World of Tanks Art of Tanking Guide
World of Tanks Art of Tanking Guide by Crimson_Fart
We will try to keep this updated as more research and contributions from other fellow tankers are available.
First lest define the term: the purpose of cover fire is to stop or prevent a target from observing, shooting or moving. Suppressive fire is not always a direct form of fire towards targets; it can be an effective visual and audible distraction. It is one of three types of fire support, which is defined by NATO as “the application of fire, coordinated with the manoeuvre of forces, to destroy, neutralize or suppress the enemy.”
By continuously shooting a target enemy under cover you prevent him or discourage from peeking out or moving out of cover, slowing down his advance, delaying the offensive and allowing your allies to reposition or get cover. If you are a low tier in a match that cant penetrate the enemy and are to slow to scout, your next best thing is to provide constant cover fire from long range. A enemy under fire makes mistakes!
Position yourself behind the front-line (behind the tanks directly engaging the enemy), preferably with a wide view angle of fire and concealment.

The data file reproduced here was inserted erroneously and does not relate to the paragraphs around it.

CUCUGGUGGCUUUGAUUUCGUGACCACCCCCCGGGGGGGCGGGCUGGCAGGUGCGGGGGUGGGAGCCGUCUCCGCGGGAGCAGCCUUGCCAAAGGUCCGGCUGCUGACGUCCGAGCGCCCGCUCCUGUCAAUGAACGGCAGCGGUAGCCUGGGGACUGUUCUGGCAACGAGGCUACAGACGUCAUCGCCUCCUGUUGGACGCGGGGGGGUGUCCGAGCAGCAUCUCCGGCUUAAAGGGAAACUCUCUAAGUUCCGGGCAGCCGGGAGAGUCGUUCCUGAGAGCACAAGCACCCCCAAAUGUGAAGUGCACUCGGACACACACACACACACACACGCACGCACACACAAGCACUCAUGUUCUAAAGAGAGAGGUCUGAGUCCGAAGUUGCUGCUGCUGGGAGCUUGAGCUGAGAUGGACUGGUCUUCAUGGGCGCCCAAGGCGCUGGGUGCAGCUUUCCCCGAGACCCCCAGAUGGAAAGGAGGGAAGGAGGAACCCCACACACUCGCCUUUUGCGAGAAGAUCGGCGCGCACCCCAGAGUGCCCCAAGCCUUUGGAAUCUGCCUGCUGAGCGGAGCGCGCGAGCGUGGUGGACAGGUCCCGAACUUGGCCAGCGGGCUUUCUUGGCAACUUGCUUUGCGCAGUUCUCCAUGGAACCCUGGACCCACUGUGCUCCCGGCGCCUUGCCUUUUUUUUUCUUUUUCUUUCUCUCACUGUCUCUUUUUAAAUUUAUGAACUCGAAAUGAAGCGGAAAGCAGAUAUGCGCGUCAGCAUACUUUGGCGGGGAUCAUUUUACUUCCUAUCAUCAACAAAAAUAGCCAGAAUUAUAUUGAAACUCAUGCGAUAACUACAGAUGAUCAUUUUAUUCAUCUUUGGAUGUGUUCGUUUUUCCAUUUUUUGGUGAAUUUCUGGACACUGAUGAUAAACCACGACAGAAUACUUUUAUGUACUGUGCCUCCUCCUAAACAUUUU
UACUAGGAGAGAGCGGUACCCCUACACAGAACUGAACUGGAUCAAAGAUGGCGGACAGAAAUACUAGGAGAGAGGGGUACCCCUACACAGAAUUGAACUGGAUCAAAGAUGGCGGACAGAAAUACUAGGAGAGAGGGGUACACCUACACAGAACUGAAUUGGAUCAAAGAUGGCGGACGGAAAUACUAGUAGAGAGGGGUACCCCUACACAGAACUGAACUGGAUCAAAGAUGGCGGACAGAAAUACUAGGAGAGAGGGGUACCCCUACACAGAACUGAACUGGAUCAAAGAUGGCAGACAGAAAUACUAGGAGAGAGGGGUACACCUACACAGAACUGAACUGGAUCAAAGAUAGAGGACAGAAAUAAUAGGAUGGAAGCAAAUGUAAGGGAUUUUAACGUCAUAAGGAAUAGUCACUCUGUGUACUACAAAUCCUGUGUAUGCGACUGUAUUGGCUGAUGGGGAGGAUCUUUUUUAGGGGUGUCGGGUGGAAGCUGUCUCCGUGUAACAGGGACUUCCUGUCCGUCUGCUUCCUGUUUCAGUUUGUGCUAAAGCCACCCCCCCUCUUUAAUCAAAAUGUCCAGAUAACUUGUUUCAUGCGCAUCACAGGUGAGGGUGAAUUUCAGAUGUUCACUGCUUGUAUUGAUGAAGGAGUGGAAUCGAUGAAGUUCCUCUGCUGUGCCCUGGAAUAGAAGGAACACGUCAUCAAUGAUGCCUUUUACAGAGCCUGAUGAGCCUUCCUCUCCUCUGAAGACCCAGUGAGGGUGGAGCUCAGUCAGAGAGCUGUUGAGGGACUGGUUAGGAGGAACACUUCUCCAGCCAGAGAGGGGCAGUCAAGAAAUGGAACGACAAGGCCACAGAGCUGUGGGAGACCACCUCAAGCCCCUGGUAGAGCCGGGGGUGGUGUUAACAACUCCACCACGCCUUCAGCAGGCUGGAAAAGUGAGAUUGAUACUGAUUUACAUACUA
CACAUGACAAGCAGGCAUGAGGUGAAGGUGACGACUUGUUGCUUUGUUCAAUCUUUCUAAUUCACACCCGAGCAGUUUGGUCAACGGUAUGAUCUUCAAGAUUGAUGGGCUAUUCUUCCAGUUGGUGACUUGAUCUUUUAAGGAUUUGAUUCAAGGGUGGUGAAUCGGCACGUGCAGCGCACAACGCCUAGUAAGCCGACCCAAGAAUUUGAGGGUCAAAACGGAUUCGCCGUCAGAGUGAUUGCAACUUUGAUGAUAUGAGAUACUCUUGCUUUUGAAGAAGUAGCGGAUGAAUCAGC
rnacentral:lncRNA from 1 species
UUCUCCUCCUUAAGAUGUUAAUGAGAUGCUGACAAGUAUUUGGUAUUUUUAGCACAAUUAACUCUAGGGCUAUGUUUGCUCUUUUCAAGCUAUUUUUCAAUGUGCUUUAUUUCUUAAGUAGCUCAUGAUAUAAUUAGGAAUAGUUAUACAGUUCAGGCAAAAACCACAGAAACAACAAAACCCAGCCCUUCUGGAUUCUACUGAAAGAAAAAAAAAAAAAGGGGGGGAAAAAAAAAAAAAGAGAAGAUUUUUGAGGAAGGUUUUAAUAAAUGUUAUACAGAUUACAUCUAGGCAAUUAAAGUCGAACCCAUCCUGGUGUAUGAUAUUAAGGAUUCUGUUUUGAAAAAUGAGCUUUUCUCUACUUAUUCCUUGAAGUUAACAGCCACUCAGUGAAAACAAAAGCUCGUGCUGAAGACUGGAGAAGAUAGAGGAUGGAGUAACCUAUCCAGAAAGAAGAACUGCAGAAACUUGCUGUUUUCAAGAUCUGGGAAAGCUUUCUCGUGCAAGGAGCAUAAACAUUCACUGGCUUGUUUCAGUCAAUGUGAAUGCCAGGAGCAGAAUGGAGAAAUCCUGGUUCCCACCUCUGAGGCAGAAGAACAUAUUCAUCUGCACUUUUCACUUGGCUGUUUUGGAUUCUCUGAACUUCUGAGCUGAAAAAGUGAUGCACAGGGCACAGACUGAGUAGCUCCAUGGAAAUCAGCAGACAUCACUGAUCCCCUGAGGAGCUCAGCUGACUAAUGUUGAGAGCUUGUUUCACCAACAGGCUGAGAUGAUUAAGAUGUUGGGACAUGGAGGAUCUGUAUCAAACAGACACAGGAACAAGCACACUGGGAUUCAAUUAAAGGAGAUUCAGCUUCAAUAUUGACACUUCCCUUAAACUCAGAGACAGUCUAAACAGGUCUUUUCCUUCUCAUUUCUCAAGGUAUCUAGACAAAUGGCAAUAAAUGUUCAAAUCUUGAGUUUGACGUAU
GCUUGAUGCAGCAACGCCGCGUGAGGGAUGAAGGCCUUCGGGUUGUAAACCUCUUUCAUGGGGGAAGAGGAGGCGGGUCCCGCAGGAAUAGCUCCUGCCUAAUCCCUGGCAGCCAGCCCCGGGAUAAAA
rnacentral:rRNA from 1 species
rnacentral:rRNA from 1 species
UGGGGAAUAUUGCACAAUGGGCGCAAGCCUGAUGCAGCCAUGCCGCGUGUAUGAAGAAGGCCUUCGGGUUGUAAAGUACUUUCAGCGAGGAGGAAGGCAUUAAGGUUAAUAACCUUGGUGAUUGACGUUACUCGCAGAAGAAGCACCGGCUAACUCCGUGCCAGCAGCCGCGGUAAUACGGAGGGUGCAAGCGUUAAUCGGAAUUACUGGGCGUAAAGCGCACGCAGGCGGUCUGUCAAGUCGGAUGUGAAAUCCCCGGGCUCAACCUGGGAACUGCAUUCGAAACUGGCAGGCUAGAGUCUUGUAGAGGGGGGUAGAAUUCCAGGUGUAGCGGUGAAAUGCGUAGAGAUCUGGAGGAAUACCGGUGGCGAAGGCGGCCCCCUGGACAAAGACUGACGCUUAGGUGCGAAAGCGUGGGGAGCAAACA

- Load HE shells
- Fire at target’s cover example the edge of the rock/building and keep it coming. It doesn’t matter if you hit or not just fire on the enemy position repeatedly.
- Fire at the ground behind cover with HE shells.
- If you have line of sight, ping and fire. You will disorient and give a chance to your front-line units to engage.
- If even HE cant penetrate or damage stop firing directly at him this will make him bolder, instead fire at the ground in front of him. Make him feel under pressure. When his side gets exposed try again at his tracks.
- When they start shooting at you, get to cover and relocate to another position. DON’T PEEK A BOO! they will have the spot marked and you wont get many shots out any more.
- To use tactics on a battlefield, first structure is needed. Name the flanks north, south, hill… and the important choke points.